Christopher Columbus is portrayed to be a hero. Humanizing factors of his character have been exaggerated and focused upon. The history that is omitted and, often not know by many Americans, does not fit in alignment with a hero. Christopher Columbus was directly involved in the enslavement and genocide of entire cultures. “[He] introduced two phenomena that revolutionized race relations and transformed the modern world: the taking of land, wealth, and labor from indigenous peoples, leading to their near extermination, and the transatlantic slave trade, which created a racial underclass.” (excerpt from Lies My Teacher Told Me, by James W. Loewen)

Other acts of cruelty committed or ordered by Columbus included sexual slavery, rape, punishments by way of cutting off a native’s nose, ear or hands for resisting slavery, sending dogs to hunt after natives and maiming them, killing natives to be fed to the dogs and many more horrific atrocities. Not to mention Columbus’ role in the destruction and genocide of the Lucayans, Taínos and Arawaks cultures.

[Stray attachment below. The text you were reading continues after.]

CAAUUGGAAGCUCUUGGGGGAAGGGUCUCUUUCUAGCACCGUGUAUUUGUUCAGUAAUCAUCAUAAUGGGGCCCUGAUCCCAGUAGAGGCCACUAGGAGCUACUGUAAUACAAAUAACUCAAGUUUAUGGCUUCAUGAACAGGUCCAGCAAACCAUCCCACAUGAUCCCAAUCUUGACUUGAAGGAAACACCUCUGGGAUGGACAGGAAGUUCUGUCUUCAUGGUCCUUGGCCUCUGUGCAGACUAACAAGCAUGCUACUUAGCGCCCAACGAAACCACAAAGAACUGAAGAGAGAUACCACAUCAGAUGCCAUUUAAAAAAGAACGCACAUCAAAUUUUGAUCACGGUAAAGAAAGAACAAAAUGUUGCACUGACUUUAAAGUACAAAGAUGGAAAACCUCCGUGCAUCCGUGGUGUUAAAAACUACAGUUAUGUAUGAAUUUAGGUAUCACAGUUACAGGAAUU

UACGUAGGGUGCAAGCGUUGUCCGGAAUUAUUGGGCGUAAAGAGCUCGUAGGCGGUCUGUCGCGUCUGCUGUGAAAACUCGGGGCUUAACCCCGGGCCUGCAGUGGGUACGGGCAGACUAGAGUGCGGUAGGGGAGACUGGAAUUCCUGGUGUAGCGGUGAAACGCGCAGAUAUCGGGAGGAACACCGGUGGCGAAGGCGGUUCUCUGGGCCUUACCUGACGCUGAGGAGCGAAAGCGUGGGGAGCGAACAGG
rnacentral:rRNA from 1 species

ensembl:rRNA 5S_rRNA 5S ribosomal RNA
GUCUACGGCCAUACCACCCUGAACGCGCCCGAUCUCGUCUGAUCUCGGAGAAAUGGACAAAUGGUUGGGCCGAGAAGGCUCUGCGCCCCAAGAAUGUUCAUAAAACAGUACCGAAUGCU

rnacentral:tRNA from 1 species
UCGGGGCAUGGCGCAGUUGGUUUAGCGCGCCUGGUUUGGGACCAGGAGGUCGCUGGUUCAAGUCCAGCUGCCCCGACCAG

So, why does Columbus get the hero treatment? Why are the parts of his cruelty omitted while the parts of his exploration played up? Looking back on my childhood education I wish I had been taught the true story of Christopher Columbus; the truth of all history. Teaching children blatant lies about history, often omitting the negative details, does not benefit them or the adults they grow to be. If more people in our world were taught all of the truth and not just bits and pieces, they could potentially form better, more informed choices.

Of Interest:

Lies My Teacher Told Me: Everything Your American History Textbook Got Wrong, by James W. Loewen. I received a copy at my high school graduation from one of my teachers. It was an eyeopener at the time and a book I recommend to everyone.

Transform Columbus Day, webpage for the Transform Columbus Day Alliance who actively rejects the celebration of Christopher Columbus and his legacy of domination, oppression, and colonialism. As well as rejecting historical misconceptions regarding Columbus.

NY Times, Slavery and Colonialism Make Up the True Legacy of Columbus.

Huffington Post, Eric Kasum: Columbus Day? True Legacy: Cruelty and Slavery